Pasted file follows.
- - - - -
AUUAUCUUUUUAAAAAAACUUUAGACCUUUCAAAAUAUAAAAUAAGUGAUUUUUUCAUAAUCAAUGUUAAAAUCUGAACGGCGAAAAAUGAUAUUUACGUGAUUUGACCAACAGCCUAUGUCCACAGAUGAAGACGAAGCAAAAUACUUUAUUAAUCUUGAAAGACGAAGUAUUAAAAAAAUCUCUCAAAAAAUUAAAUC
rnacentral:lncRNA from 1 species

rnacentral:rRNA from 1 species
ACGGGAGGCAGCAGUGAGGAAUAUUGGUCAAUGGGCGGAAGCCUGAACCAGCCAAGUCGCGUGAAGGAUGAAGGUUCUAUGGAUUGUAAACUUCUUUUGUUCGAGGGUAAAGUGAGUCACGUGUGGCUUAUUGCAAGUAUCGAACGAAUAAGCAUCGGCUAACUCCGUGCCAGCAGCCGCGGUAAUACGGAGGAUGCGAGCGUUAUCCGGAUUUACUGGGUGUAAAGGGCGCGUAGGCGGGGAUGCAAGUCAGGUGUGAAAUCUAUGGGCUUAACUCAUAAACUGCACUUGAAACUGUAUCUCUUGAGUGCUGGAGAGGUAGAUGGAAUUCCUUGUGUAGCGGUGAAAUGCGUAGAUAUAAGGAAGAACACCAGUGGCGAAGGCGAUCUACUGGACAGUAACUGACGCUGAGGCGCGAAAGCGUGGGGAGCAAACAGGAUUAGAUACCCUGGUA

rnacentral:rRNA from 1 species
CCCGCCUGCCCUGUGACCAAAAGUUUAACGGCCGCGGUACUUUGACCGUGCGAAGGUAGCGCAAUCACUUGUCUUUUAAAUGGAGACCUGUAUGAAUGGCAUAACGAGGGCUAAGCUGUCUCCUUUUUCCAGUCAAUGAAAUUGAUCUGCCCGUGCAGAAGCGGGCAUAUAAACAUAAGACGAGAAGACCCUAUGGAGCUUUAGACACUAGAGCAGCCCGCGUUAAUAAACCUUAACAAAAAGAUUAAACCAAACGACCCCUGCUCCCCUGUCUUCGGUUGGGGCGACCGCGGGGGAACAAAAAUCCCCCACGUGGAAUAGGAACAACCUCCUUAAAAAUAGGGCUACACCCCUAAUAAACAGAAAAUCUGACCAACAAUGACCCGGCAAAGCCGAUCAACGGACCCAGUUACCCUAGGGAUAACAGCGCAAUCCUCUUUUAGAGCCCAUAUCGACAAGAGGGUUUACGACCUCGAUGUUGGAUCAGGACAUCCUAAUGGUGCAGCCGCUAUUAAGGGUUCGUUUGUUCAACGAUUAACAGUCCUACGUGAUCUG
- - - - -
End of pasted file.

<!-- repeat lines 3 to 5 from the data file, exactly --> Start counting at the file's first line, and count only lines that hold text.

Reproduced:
rnacentral:rRNA from 1 species
ACGGGAGGCAGCAGUGAGGAAUAUUGGUCAAUGGGCGGAAGCCUGAACCAGCCAAGUCGCGUGAAGGAUGAAGGUUCUAUGGAUUGUAAACUUCUUUUGUUCGAGGGUAAAGUGAGUCACGUGUGGCUUAUUGCAAGUAUCGAACGAAUAAGCAUCGGCUAACUCCGUGCCAGCAGCCGCGGUAAUACGGAGGAUGCGAGCGUUAUCCGGAUUUACUGGGUGUAAAGGGCGCGUAGGCGGGGAUGCAAGUCAGGUGUGAAAUCUAUGGGCUUAACUCAUAAACUGCACUUGAAACUGUAUCUCUUGAGUGCUGGAGAGGUAGAUGGAAUUCCUUGUGUAGCGGUGAAAUGCGUAGAUAUAAGGAAGAACACCAGUGGCGAAGGCGAUCUACUGGACAGUAACUGACGCUGAGGCGCGAAAGCGUGGGGAGCAAACAGGAUUAGAUACCCUGGUA

rnacentral:rRNA from 1 species